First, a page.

“One should use common words to say uncommon things”
William Benington Gallery is pleased to announce an exhibition of new works by British sculptor David Worthington, examining the reciprocal relationship between fine art and industrial design.
The body of work displayed in Experiments in Colour explores, through a developmental series, the history of modern and modernist design, as well as that of what we have come to know as fine art sculpture. The conversation begins with Worthington’s choice of materials: luxurious white marble, synonymous with classical sculpture, interacts with the spray-lacquered colour commonly used in custom car jobs. The sleek, curvaceous sculptures have been gouged into, revealing bright wounds of colour that range from neon green to candy red. The implication is that underneath the simple form and perfect exterior there is something more to consider. Worthington’s forms, reminiscent of the high-end design of audio-visual products as well as the minimalist sculpture of the 1960s, explore how the historical canon of art communicates with modern materials and forms, while also confronting the issue of modern design’s relative struggle to find a place within the realm of fine art, and equally, the role of the sculptor to express this.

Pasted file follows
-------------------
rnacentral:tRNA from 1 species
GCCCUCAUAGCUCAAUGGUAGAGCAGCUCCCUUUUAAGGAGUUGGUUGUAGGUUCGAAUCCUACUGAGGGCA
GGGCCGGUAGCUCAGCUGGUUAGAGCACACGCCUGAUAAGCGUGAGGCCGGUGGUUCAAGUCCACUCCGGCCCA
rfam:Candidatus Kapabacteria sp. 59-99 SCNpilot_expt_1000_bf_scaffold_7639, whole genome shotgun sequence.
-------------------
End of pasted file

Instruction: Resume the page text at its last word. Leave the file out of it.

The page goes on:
By reclaiming from design this familiar visual language, Worthington suggests that the everyday objects with which we surround ourselves can and should be re-assessed as beautiful; the sleek forms of modern design reflected in our home sound systems and desk chairs have been as carefully considered as the pediment of the Parthenon. Thus even the common language of the everyday should be granted consideration as uncommon and remarkable, and sculpture is in a unique position to highlight this. If design is a reflection of what we want and art is a reflection of who we are, then Experiments in Colour turns the mirror back onto these objects with which we surround ourselves.